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Vitamin D deficiency is rapidly rising as a cause for concern in both dancers and non dancers. At the 2010 IADMS conference both Roger Wolman (MD, FRCP, Royal National Orthopaedic Hospital, London, UK) and Selina Shah (MD, FACP, Center for Sports Medicine at St Frances Memorial Hospital, San Francisco, California, USA) presented papers on this very pertinent issue.
Vitamin D is produced in the skin after exposure to ultraviolet B light from the sun or artificial sources, and occurs naturally in a small range of foods.
Reduced levels of Vitamin D Can lead to reduced levels of Calcium and PO4 which can lead to weaker bones as well as wasting of Type 2 muscle fibers (Fast twitch). This means that the power able to be generated in the muscle is reduced. Vitamin D deficiency is now a recognised cause of injury and sub-optimal performance and is increasingly being observed in young and otherwise healthy people.
While in any bone stress or stress fracture injury we must first consider biomechanical and technical factors, in dancers who experience frequent injuries, or are slow to heal from a simple injury, it would be wise to consider the possibility of a Vitamin D deficiency as a contributing factor.
In countries with high sunshine hours, you would expect there to be no issues with Vitamin D levels, however, possibly due to promotions such as the “Slip-Slop-Slap” rule, introduced in the 1980’s in both New Zealand and Australia to reduce the incidence of skin Cancers and Melanoma, many young people are not getting adequate sunlight to allow the production of Vitamin D naturally. This is especially relevant for young athletes who train a lot indoors (Ballet, Gymnastics etc).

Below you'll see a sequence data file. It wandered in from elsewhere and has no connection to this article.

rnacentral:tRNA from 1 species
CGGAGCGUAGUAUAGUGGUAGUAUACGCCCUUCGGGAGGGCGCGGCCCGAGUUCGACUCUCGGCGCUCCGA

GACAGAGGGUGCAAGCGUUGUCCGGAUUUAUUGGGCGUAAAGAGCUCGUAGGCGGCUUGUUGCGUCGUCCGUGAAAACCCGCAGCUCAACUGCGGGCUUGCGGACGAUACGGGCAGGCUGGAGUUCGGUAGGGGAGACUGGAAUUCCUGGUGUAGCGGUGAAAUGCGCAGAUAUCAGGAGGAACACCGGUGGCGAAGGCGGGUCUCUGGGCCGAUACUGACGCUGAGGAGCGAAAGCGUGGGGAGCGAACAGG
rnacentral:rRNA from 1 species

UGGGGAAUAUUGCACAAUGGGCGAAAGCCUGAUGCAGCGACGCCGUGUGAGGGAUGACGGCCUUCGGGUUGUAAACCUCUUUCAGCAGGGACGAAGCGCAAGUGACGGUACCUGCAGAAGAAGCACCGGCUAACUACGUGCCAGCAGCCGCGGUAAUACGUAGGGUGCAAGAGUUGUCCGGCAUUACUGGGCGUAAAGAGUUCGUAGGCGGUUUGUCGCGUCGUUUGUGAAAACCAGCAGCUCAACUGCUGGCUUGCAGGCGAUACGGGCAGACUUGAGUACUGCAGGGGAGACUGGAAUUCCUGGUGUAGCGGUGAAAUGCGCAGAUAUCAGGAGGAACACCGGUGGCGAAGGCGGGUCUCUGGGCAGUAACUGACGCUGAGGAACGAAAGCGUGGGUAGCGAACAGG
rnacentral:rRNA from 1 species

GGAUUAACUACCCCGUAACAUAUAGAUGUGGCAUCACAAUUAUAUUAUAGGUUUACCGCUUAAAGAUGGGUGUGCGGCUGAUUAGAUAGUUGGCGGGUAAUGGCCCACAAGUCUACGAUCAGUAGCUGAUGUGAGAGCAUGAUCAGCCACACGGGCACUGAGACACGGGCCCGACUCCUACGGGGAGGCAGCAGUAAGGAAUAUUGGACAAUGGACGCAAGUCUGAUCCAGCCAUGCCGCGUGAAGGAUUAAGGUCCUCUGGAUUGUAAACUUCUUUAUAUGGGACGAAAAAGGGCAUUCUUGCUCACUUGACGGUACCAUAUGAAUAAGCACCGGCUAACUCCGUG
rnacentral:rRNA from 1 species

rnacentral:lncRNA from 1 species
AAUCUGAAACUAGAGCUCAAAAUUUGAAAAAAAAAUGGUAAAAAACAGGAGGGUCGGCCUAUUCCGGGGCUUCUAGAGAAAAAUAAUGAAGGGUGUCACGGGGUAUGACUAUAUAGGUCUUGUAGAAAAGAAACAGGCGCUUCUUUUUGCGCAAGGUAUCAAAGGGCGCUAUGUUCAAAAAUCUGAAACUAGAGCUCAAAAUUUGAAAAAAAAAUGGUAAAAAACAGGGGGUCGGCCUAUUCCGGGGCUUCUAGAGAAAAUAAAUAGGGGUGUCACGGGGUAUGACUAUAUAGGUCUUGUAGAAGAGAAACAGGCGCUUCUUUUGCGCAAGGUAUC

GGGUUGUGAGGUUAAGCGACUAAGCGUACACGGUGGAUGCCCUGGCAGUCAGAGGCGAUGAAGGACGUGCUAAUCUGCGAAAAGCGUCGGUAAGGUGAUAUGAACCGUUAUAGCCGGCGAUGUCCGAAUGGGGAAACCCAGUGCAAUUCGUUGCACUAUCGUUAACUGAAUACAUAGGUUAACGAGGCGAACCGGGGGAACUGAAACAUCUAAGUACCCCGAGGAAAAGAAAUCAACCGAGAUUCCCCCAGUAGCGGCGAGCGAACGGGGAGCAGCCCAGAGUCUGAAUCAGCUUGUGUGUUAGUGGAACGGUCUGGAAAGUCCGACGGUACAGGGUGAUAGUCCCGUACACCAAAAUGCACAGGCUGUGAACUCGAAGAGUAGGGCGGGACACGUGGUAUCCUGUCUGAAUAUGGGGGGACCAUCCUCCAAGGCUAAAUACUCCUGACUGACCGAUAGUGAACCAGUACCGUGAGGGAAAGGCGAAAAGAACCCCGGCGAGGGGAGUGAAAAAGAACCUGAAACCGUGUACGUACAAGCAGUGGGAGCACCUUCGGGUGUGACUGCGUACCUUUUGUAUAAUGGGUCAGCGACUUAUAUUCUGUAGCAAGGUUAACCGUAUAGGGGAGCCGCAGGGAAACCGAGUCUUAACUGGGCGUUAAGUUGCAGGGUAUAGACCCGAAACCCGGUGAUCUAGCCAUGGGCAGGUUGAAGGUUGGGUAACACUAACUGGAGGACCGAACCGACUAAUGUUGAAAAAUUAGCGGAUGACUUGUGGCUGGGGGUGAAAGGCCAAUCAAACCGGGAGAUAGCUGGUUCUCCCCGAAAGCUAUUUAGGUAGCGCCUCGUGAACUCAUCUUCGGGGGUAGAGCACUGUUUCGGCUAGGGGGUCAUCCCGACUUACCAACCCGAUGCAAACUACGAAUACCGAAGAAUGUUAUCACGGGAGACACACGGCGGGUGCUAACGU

In some countries, staple foods such as milk, flour and margarine are artificially fortified with vitamin D, and it is also available as a supplement in pill form. Food sources such as fatty fish, eggs, and meat are rich in vitamin D and are often recommended for consumption to those suffering vitamin D deficiency, however it is much harder to gain the quantities of Vitamin needed to protect bones from food sources than it is from sunlight.
You can screen for Vitamin D Deficiency with a simple blood test, so if you think that you or your child may be at risk, talk to your local GP about screening.
Further information about Vitamin D and Deficiency of it can be found on the following websites: